“Shoplifting and organised retail crime are compelling security reasons. In a store or mall, tracking people for recognition, people may be sensitive to that, but I think retailers are equally sensitive to that and they don’t want to discourage shoppers by making them feel they are individually under personal surveillance," Gartner research director, Nick Ingelbrecht, says. "There are instances where malls have removed technology because of privacy concerns around such as with Wi-Fi tracking so there is that kind of negotiation going on."

Proponents argue facial recognition is too useful to be ignored. While aiding police and lawmakers in finding criminals and even potential terrorists is an easier sell, it has many helpful use cases for responsive marketing and improves customer service and customer experience.

Already, an app has been developed using facial recognition to identify someone such as a businesses contacts by tapping a facial database, speeding through hotel and airport check-in, personalised in-store marketing and online registration, customer loyalty and discount schemes are just a few of the customer applications aimed at personalising and streamlining services.

Relf believes people are becoming comfortable with the concept and usefulness of facial recognition, whether it might be Facebook easily identifying and tagging photos of friends, enjoying streamlined check-in at hotels or restaurants that use the systems to better manage customer flow in busy times or aid regulars to order their favourite dish. At the same time, they may not grasp the implications of when their data is outside of their control. Which means businesses have a responsibility to safely protect and manage this personal data.

“IT professionals are in a very delicate spot because their business needs this technology to do their own business better. But they also now have to be very careful where that data with the facial matching piece goes, especially outside their business,” Relf says.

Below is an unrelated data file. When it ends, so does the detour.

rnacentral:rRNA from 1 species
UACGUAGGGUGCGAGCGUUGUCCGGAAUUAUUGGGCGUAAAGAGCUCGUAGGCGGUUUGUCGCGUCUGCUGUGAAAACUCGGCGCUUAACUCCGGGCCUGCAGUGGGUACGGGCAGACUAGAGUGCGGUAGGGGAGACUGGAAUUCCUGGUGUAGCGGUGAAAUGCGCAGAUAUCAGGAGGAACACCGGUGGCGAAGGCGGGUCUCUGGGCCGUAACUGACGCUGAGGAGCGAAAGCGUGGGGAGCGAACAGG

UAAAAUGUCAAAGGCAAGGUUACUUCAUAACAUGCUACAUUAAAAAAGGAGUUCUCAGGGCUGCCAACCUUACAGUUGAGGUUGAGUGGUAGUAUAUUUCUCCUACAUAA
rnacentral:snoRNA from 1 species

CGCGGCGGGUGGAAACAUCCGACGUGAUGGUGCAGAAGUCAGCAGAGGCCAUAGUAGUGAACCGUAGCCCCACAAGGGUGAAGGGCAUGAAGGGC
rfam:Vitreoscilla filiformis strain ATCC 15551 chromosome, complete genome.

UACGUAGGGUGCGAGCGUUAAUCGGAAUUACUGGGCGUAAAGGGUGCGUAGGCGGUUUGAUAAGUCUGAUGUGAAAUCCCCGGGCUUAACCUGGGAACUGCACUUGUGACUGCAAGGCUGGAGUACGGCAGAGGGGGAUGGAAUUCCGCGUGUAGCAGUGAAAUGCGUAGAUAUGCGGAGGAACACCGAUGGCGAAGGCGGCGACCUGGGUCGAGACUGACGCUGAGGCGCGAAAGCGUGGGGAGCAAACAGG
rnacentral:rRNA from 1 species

The cost of the technology, Ingelbrecht says, means there needs to be a solid business case behind any facial recognition system.

“This isn’t cheap technology, so there’s got to be a business rationale for deploying it. A chain like WalMart tried it and decided there wasn’t an ROI to justify the investment,” he notes.

Ingelbrecht also suggests businesses, at least in the retail context, aren’t keen to cross the creepy line with potential shoppers and this will help curb the intrusiveness of facial recognition systems in malls and shopping precincts.

“It’s a negotiation between consumers and service providers, so in an airport or retail store, you expect cameras will be there and part is for safety and equally for theft. But when it comes to facial recognition and tracking shoppers through a store, people may be sensitive to that," he continues. "Retailers are equally sensitive to that and they don’t want to discourage shoppers by making them feel they are individually under surveillance.”

Up next: How it works, where the legal issues are lying, and what businesses should do to embrace facial recognition

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Facial recognition in the spotlight